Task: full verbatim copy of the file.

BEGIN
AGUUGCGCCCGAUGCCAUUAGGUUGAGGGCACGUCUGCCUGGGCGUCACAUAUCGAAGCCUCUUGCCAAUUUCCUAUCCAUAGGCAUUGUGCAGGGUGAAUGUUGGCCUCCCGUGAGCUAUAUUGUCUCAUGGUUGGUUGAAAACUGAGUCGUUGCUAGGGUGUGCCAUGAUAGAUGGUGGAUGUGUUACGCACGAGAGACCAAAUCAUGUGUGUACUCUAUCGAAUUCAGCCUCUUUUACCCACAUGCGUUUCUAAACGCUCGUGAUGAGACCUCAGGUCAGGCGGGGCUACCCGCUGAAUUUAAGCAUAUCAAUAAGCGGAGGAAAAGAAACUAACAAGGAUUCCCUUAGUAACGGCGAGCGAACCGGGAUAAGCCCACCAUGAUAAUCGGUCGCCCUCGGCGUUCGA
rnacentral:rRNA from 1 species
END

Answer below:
AGUUGCGCCCGAUGCCAUUAGGUUGAGGGCACGUCUGCCUGGGCGUCACAUAUCGAAGCCUCUUGCCAAUUUCCUAUCCAUAGGCAUUGUGCAGGGUGAAUGUUGGCCUCCCGUGAGCUAUAUUGUCUCAUGGUUGGUUGAAAACUGAGUCGUUGCUAGGGUGUGCCAUGAUAGAUGGUGGAUGUGUUACGCACGAGAGACCAAAUCAUGUGUGUACUCUAUCGAAUUCAGCCUCUUUUACCCACAUGCGUUUCUAAACGCUCGUGAUGAGACCUCAGGUCAGGCGGGGCUACCCGCUGAAUUUAAGCAUAUCAAUAAGCGGAGGAAAAGAAACUAACAAGGAUUCCCUUAGUAACGGCGAGCGAACCGGGAUAAGCCCACCAUGAUAAUCGGUCGCCCUCGGCGUUCGA
rnacentral:rRNA from 1 species